Sheldon CD, Hodson ME, Carpenter LM, Swerdlow AJ: A cohort study of cystic fibrosis and malignancy. Br J Cancer 1993, 68:1025–1028.
Tsongalis GJ, Faber G, Dalldorf FG, Friedman KJ, Silverman LM, Yankaskas JR: Association of pancreatic adenocarcinoma, mild lung disease, and delta F508 mutation in a cystic fibrosis patient. Clin Chem 1994, 40:1972–1974.
Tedesco FJ, Brown R, Schuman BM: Pancreatic carcinoma in a patient with cystic fibrosis. Gastrointest Endosc 1986, 32:25–26.
McIntosh JC, Schoumacher RA, Tiller RE: Pancreatic adenocarcinoma in a patient with cystic fibrosis. Am J Med 1988, 85:592.
Padua RA, Warren N, Grimshaw D, Smith M, Lewis C, Whittaker J, Laidler P, Wright P, Douglas-Jones A, Fenaux P, Sharma A, Horgan K, West R: The cystic fibrosis delta F508 gene mutation and cancer. Hum Mutat 1997, 10:45–48.
Stead RJ, Redington AN, Hinks LJ, Clayton BE, Hodson ME, Batten JC: Selenium deficiency and possible increased risk of carcinoma in adults with cystic fibrosis. Lancet 1985, 2:862–863.
Kopito LE, Shwachman H: The pancreas in cystic fibrosis: chemical composition and comparative morphology. Pediatr Res 1976, 10:742–749.
Couce M, O'Brien TD, Moran A, Roche PC, Butler PC: Diabetes mellitus in cystic fibrosis is characterized by islet amyloidosis. J Clin Endocrinol Metab 1996, 81:1267–1272.
Conway SP, Morton AM, Oldroyd B, Truscott JG, White H, Smith AH, Haigh I: Osteoporosis and osteopenia in adults and adolescents with cystic fibrosis: prevalence and associated factors. Thorax 2000, 55:798–804.
Donovan DS Jr, Papadopoulos A, Staron RB, Addesso V, Schulman L, McGregor C, Cosman F, Lindsay RL, Shane E: Bone mass and vitamin D deficiency in adults with advanced cystic fibrosis lung disease. Am J Respir Crit Care Med 1998, 157:1892–1899.
Jilka RL, Hangoc G, Girasole G, Passeri G, Williams DC, Abrams JS, Boyce B, Broxmeyer H, Manolagas SC: Increased osteoclast development after estrogen loss: mediation by interleukin-6. Science 1992, 257:88–91.
Bachrach LK, Loutit CW, Moss RB: Osteopenia in adults with cystic fibrosis. Am J Med 1994, 96:27–34.
Claustres M, Guittard C, Bozon D, Chevalier F, Verlingue C, Ferec C, Girodon E, Cazeneuve C, Bienvenu T, Lalau G, Dumur V, Feldmann D, Bieth E, Blayau M, Clavel C, Creveaux I, Malinge MC, Monnier N, Malzac P, Mittre H, Chomel JC, Bonnefont JP, Iron A, Chery M, Georges MD: Spectrum of CFTR mutations in cystic fibrosis and in congenital absence of the vas deferens in France. Hum Mutat 2000, 16:143–156.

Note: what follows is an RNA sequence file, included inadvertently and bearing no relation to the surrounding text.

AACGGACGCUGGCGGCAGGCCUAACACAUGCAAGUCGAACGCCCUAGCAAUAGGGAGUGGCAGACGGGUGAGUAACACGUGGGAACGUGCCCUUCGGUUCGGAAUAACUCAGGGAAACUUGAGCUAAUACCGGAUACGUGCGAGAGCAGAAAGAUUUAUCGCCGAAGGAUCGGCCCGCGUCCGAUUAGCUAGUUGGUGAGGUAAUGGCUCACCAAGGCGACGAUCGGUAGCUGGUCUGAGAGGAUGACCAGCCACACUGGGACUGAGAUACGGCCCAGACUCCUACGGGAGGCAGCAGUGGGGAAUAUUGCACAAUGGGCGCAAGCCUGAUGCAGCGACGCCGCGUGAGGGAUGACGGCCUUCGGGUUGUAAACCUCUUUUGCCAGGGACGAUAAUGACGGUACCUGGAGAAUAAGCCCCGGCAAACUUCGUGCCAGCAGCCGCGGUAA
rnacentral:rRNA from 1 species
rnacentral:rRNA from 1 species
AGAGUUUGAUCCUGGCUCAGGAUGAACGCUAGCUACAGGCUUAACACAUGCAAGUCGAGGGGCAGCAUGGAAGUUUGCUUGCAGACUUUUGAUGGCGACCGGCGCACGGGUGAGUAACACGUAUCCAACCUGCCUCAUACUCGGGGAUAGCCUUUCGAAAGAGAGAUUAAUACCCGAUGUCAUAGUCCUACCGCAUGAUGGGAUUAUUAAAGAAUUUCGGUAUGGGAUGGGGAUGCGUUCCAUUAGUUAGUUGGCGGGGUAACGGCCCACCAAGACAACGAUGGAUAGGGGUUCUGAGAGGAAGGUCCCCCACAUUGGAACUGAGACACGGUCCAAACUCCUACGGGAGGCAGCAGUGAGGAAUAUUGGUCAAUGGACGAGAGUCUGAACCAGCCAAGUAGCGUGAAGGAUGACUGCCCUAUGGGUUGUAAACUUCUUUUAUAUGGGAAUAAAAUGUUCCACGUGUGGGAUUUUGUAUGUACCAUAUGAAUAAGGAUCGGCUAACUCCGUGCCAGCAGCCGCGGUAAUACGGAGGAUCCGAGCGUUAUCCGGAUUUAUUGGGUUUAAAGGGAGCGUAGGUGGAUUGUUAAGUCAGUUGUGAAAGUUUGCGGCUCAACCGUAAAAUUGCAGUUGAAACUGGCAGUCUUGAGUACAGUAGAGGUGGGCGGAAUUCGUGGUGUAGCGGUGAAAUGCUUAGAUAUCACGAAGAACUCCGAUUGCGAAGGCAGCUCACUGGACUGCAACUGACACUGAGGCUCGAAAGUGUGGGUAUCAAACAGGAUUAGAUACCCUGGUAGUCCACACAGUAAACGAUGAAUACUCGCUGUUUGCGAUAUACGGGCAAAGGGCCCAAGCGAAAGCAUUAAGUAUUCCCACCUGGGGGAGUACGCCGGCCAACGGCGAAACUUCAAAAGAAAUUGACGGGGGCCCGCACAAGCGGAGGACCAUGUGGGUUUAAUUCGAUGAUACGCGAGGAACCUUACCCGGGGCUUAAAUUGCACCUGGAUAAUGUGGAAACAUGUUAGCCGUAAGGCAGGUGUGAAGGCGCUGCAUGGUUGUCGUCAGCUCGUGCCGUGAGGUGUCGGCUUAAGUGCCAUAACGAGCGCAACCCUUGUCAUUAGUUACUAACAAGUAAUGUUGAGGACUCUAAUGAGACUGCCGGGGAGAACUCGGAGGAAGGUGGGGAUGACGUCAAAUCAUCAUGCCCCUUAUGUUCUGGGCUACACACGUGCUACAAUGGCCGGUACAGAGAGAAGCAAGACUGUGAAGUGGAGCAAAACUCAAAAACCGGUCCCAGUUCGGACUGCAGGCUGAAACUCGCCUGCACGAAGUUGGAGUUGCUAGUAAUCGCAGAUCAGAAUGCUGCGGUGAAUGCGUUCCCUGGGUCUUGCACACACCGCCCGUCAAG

Mickle JE, Cutting GR: Clinical implications of cystic fibrosis transmembrane conductance regulator mutations. Clin Chest Med 1998, 19:443–58.
Gervais R, Dumur V, Letombe B, Larde A, Rigot JM, Roussel P, Lafitte JJ: Hypofertility with thick cervical mucus: another mild form of cystic fibrosis? J Am Med Ass 1996, 276:1638.
Cohn JA, Friedman KJ, Noone PG, Knowles MR, Silverman LM, Jowell PS: Relation between mutations of the cystic fibrosis gene and idiopathic pancreatitis. N Engl J Med 1998, 339:653–658.
Boyle MP: Minocycline-induced pancreatitis in cystic fibrosis. Chest 2000, in press.
Wang X, Moylan B, Leopold DA, Kim J, Rubenstein RC, Togias A, Proud D, Zeitlin PL, Cutting GR: Mutation in the gene responsible for cystic fibrosis and predisposition to chronic rhinosinusitis in the general population. J Am Med Ass 2000, 284:1814–1819.
Friedman KJ, Heim RA, Knowles MR, Silverman LM: Rapid characterization of the variable length polythymidine tract in the cystic fibrosis (CFTR) gene: association of the 5T allele with selected CFTR mutations and its incidence in atypical sinopulmonary disease. Hum Mutat 1997, 10:108–115.
Casals T, Bassas L, Ruiz-Romero J, Chillon M, Gimenez J, Ramos MD, Tapia G, Narvaez H, Nunes V, Estivill X: Extensive analysis of 40 infertile patients with congenital absence of the vas deferens: in 50% of cases only one CFTR allele could be detected. Hum Genet 1995, 95:205–211.
Miller PW, Hamosh A, Macek M Jr, Greenberger PA, MacLean J, Walden SM, Slavin RG, Cutting GR: Cystic fibrosis transmembrane conductance regulator (CFTR) gene mutations in allergic bronchopulmonary aspergillosis. Am J Hum Genet 1996, 59:45–51.
Bombieri C, Benetazzo M, Saccomani A, Belpinati F, Gile LS, Luisetti M, Pignatti PF: Complete mutational screening of the CFTR gene in 120 patients with pulmonary disease. Hum Genet 1998, 103:718–722.
Rights and permissions
About this article
Cite this article
Boyle, M.P. Unique presentations and chronic complications in adult cystic fibrosis: do they teach us anything about CFTR?. Respir Res 1, 3 (2000). https://doi.org/10.1186/rr23
- congenital bilateral absence of the vas deferens
- cystic fibrosis
- cystic fibrosis transmembrane conductance regulator